12. 12. When the light is off• PREVENTING EYESTRAIN: Staring at a bright slide for an extended amount of time is hard on the eyes. Too much brightness from the screen in addition to having the lights on can make things even worse. Try to create a comfortable viewing environment to help your students better absorb your material. A dark room makes looking at slides much easier on your students.• VISUAL DIVERSIONS: With the lights on, there is more room for students to become easily distracted by other things they may see. You may want to turn the lights off to help students focus on more easily on what you’re trying to show.• MORE EFFECTIVE MEDIA PRESENTATION If your presentation is image or media intensive, it will look much better and be much easier to see in a dark viewing environment. This is especially true for video content. http://eglobiotraining.com/
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  14. 14. PowerPoint, when displayed via a projector, is auseful tool for showing audiences thingsthat enhance what the speaker is saying. It is a usefultool for illustrating the content of a speech, such asby showing photos, graphs, charts, maps, etc., or byhighlighting certain text from a speech, such asquotations or major ideas. It should not be used as aslide-show outline of what the speaker is telling theaudience. http://eglobiotraining.com/
  15. 15. Slides used in a presentation should be spare, interms of how much information is on each slide, aswell as how many slides are used. A rule of thumbis to put no more than eight lines of text on a slide,and with no more than eight to ten words per line.In most cases, less is more, so four lines of text isprobably better. Don’t display charts or graphs witha lot of information—if it’s useful for the audienceto see such things, pass them out as handouts.http://eglobiotraining.com/
  16. 16. Unless you’re an experienced designer, don’t use the transition and animation “tricks” that are built into PowerPoint, such as bouncing or flying text. By now, most people roll their eyes when they see these things, and these tricks add nothing of value to a presentation.http://eglobiotraining.com/
  17. 17. Above all, use high-contrast color schemes so thatwhatever is on your slides is readable. Unless you are atalented graphic designer, use the templates that comewith PowerPoint or Keynote, and keep it simple—highconcept design in a slide presentation doesn’t help inmost circumstances, unless you’re in the fashion ordesign fields. If you use graphics or photos, try to usethe highest quality you can find or afford—clip art andlow-resolution graphics blown up on a screen usuallydetract from a presentation. http://eglobiotraining.com/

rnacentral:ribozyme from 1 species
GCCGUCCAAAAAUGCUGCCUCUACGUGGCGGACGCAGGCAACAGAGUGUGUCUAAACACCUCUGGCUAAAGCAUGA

18. 18. Rehearse your PowerPoint presentation and not justonce. Don’t let PowerPoint get in the way of your oralpresentation, and make sure you know how it works,what sequence the slides are in, how to get through itusing someone else’s computer, etc. Make sure that youcan deliver your presentation if PowerPoint is completelyunavailable; in other words, make sure you can give yourspeech without your PowerPoint presentation. http://eglobiotraining.com/
  19. 19. Learn how to give a good speech without PowerPoint. Thistakes practice, which means giving speeches withoutPowerPoint. Believe it or not, public speaking existed beforePowerPoint, and many people remember it as being a lot betterthen than it is now. A few people use presentation software inextremely effective ways—Steve Jobs and Stanford LawProfessor Lawrence Lessig are two examples. Al Gore’s use ofKeynote in the movie “An Inconvenient Truth” was a goodmodel. But these three examples don’t look at all like the waymost people use PowerPoint. Avoiding bad PowerPoint habitsmeans, first and foremost, becoming a good public speaker. http://eglobiotraining.com/
  20. 20. There are different ways to make yourpresentation more interesting. For me, itdepends on the topic and to the audience thatwill be presented on.http://eglobiotraining.com/
  21. 21. Respectfully Submitted to Prof. Erwin M. Globio, MSIThttp://eglobiotraining.com/